Thursday, March 24, 2016
His premise is that cryptography rearranges power, for good or for ill, and is therefore inescapably political. As such, researchers have a moral responsibility to identify the direction of influence of our current and potential future work and to make value-aligned decisions accordingly.
He begins with a broad-brush overview of the wider context: the social responsibility of scientists and engineers generally. This was thrown into sharp relief by the second world war and its aftermath. The invention of the atom bomb, as well as the convictions of many Nazi-serving scientists in the Nuremberg Trials (where 'following orders' was not considered an exculpating defense) left little room for the idea that science was somehow neutral. Many in the academic community were at that time actively campaigning for an ethic of responsibility — for example, Bertrand Russell and Albert Einstein, who collected signatures from 11 leading scientists (9 Nobel Prize recipients) on a statement urging world leaders away to seek peaceful resolution in the face of growing nuclear threat (1955) and physicist Joseph Rotblat, who founded the Pugwash Conferences to proactively work towards that same end. Rogaway also cites the growing environmental movement as a catalyst for heightened ethical awareness in the four decades or so following the war — after which he suggests that science started to lose the sense of its responsibility, hinting towards individualism but expanding on 'extreme technological optimism' as causal components.
Part two expands on the political character of cryptographic work in particular. There are two different prevailing cryptographer "archetypes": the spy — explicitly political, often heroic — of fiction and history, and (as we are more inclined to view ourselves) the scientist — theoretical, politically neutral, going about our business quietly. But in its early days as an academic field cryptography was not so detached from socio-political concerns. Diffie and Hellman have long been explicitly engaged, e.g. in their criticism of DES's key length, and work such as Chaum's on private communication embedded a concern for democracy and individual autonomy. But, Rogaway argues, the field has since fragmented: secure messaging and other privacy applications have been sidelined by the IACR community as "security" rather than "cryptography", and have spawned their own far more socio-politically aware community (see, e.g. PETS) whilst cryptography has tended further towards an assumption of neutrality.
At the other extreme, the loosely organised "Cypherpunk" movement has been pressing for the use of cryptography as a tool for protecting individual autonomy against abuses of power since the 1980s. Projects such as Bitcoin, PGP, Tor and WikiLeaks are consciously targeted to challenge authority and nurture basic human freedoms (e.g. of speech, movement, and economic engagement).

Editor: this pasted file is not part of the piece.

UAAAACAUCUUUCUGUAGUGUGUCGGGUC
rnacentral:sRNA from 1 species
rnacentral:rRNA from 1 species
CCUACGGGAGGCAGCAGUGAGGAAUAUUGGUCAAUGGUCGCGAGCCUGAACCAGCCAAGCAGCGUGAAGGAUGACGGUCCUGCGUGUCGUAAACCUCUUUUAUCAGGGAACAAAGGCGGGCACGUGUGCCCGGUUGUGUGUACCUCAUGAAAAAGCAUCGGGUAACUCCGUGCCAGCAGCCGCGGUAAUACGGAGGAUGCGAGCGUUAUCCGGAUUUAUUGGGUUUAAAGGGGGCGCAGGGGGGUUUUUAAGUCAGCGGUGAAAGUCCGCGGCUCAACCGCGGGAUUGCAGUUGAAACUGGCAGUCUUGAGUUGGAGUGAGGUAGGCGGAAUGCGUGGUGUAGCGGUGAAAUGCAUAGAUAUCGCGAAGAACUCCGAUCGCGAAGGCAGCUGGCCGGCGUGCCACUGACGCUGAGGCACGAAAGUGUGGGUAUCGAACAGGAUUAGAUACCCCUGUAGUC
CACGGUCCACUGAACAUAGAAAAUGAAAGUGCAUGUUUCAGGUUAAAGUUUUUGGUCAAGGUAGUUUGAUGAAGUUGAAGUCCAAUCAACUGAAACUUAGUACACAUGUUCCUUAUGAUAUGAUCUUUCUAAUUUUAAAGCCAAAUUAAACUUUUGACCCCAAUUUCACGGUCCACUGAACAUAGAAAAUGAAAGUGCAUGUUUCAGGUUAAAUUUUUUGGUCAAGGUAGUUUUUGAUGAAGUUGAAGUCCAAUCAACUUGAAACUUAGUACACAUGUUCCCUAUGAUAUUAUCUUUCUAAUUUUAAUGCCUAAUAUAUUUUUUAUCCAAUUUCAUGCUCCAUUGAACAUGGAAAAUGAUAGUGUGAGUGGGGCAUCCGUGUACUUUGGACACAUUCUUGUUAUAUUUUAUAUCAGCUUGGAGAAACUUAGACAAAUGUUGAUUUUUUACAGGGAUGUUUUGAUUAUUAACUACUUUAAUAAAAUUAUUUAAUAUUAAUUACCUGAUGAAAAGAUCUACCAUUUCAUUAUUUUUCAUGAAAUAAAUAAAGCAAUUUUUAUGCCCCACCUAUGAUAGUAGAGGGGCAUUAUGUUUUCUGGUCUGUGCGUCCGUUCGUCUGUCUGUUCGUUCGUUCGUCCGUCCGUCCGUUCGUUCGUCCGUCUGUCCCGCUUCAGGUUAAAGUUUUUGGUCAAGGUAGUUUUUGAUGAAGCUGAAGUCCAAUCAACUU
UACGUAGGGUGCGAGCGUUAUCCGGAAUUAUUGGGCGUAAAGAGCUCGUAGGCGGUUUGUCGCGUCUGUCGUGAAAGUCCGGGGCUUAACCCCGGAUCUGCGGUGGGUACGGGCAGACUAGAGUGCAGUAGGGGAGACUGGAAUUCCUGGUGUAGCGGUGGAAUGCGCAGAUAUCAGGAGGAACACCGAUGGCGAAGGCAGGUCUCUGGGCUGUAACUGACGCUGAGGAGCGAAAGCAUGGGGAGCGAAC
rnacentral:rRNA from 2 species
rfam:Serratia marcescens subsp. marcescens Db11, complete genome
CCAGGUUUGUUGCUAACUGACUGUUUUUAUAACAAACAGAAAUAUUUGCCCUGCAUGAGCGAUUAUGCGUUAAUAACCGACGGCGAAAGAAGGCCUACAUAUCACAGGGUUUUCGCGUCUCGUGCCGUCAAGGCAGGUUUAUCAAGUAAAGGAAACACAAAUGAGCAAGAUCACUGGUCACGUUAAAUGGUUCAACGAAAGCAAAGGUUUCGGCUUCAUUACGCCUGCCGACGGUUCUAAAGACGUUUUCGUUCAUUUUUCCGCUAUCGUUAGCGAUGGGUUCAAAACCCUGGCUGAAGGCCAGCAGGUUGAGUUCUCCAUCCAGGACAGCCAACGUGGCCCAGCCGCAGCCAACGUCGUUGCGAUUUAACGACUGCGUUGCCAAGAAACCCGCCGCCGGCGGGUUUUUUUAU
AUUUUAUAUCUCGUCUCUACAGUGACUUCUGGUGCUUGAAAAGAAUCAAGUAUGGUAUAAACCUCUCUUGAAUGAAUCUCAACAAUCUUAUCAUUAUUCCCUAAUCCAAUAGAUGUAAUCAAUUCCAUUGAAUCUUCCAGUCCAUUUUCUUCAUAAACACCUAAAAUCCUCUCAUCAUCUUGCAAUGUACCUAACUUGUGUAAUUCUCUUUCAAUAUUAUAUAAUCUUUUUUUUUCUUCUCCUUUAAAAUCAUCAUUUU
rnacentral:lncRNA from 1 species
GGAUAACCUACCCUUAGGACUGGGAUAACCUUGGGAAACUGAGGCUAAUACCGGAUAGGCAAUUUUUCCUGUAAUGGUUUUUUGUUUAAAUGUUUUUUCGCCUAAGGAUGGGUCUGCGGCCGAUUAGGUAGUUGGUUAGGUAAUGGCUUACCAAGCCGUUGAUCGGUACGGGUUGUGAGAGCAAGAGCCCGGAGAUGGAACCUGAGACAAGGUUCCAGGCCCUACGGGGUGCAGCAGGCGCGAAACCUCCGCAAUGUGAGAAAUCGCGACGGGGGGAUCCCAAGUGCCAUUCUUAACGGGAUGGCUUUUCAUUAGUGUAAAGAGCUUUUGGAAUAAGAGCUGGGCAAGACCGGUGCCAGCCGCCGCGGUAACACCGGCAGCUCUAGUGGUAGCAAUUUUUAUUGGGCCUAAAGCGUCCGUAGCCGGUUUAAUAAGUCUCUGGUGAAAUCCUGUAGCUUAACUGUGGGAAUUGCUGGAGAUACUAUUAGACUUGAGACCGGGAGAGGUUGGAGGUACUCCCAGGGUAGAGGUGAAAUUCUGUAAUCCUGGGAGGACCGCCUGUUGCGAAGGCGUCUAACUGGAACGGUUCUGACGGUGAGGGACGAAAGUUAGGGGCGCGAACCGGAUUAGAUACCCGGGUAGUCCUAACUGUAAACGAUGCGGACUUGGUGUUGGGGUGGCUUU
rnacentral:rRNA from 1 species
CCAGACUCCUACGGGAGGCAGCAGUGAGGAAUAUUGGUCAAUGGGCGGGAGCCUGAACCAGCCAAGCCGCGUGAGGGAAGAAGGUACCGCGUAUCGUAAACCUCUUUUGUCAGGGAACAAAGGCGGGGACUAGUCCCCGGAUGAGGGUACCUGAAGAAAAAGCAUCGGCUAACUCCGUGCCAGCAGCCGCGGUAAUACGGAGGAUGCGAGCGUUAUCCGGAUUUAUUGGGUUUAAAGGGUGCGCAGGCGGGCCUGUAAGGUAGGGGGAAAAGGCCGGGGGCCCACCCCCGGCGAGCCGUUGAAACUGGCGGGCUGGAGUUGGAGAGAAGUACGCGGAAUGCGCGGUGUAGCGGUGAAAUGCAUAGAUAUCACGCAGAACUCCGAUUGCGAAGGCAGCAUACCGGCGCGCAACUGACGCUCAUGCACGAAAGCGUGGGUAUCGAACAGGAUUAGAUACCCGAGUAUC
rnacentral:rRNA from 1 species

Rogaway points out, though, that cryptography doesn't always favour "ordinary people" as the cypherpunks sometimes seem to suppose. Depending on the involved mechanics, it can just as easily be found to entrench power and erode autonomy. IBE, for example, assumes a trusted central authority, and so naturally embeds key escrow. Differential privacy frames the database owner as the honest party and assumes mass data collection to be a public good. But the former is seldom unambiguously the case and the latter is highly debated. And FHE, he argues, is in danger of becoming a utopian distraction from real, more 'practical' issues, and a convenient cover for defense and intelligence agencies.
However, perhaps as big a worry for the academic community (in Rogaway's eyes) is our lack of any sort of impact. Agencies show tellingly little interest in our activity (see, e.g., the dismissive review of Eurocrypt 1992 in an NSA newsletter, which was followed by two decades worth of silence on the subject). Our research divides, he proposes, into three branches: crypto-for-security, impacting the commercial domain, crypto-for-privacy, pertaining to socio-political matters, and crypto-for-crypto, exhibiting no ostensible benefits beyond academic interest -- the argument being that we are operating far too much along this third branch and not enough along the second.
This under-attention to crypto-for-privacy has helped maintain the increasing trend in pervasive surveillance which, in part 3, is highlighted as a significant threat to human autonomy and social progress. Rogaway compares what law enforcement would have us believe about surveillance with alternative perspectives from the surveillance-studies community. Law enforcement frame privacy and security as in conflict: a personal and a collective good respectively, in trade-off with one another and thrown out of balance by modern technology. The current disproportionate strength of privacy (e.g. widespread encryption) gives the edge to the ‘bad guys’ — terrorists, child abusers and drug dealers — and we must sacrifice some privacy to avoid ‘Going Dark’. Conversely, surveillance studies views privacy as a social good, which enhances security as much as it conflicts with it. Mass surveillance, increasingly enabled by modern technology, is an instrument of power which has, historically, been used to protect the status quo and stifle change (see, for example, the FBI’s use of surveillance data to try to induce Martin Luther King Jr. to commit suicide). Today, dissidents are imprisoned, drone targets assassinated, and investigative journalism supressed via the use of phone and internet monitoring. Cryptography is (or can be) a tool to stem surveillance creep and the uniformity, the erosion of autonomy and the social stagnation it engenders.